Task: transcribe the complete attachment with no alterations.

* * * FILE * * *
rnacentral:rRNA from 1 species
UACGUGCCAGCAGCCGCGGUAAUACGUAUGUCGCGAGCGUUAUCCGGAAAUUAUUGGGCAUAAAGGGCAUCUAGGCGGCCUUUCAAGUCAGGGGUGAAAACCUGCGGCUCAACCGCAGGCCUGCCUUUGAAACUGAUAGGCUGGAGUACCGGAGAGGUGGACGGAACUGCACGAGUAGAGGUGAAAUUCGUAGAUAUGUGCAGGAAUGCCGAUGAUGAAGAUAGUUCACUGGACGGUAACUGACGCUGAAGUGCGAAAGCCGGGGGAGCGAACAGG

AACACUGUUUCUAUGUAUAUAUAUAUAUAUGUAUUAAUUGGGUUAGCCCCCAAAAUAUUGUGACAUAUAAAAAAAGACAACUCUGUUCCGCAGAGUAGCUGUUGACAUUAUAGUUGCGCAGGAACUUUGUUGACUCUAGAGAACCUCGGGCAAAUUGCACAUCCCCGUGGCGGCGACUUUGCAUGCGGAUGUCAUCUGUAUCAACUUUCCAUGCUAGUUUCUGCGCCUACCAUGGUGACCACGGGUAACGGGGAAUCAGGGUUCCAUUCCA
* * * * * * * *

rnacentral:rRNA from 1 species
UACGUGCCAGCAGCCGCGGUAAUACGUAUGUCGCGAGCGUUAUCCGGAAAUUAUUGGGCAUAAAGGGCAUCUAGGCGGCCUUUCAAGUCAGGGGUGAAAACCUGCGGCUCAACCGCAGGCCUGCCUUUGAAACUGAUAGGCUGGAGUACCGGAGAGGUGGACGGAACUGCACGAGUAGAGGUGAAAUUCGUAGAUAUGUGCAGGAAUGCCGAUGAUGAAGAUAGUUCACUGGACGGUAACUGACGCUGAAGUGCGAAAGCCGGGGGAGCGAACAGG

AACACUGUUUCUAUGUAUAUAUAUAUAUAUGUAUUAAUUGGGUUAGCCCCCAAAAUAUUGUGACAUAUAAAAAAAGACAACUCUGUUCCGCAGAGUAGCUGUUGACAUUAUAGUUGCGCAGGAACUUUGUUGACUCUAGAGAACCUCGGGCAAAUUGCACAUCCCCGUGGCGGCGACUUUGCAUGCGGAUGUCAUCUGUAUCAACUUUCCAUGCUAGUUUCUGCGCCUACCAUGGUGACCACGGGUAACGGGGAAUCAGGGUUCCAUUCCA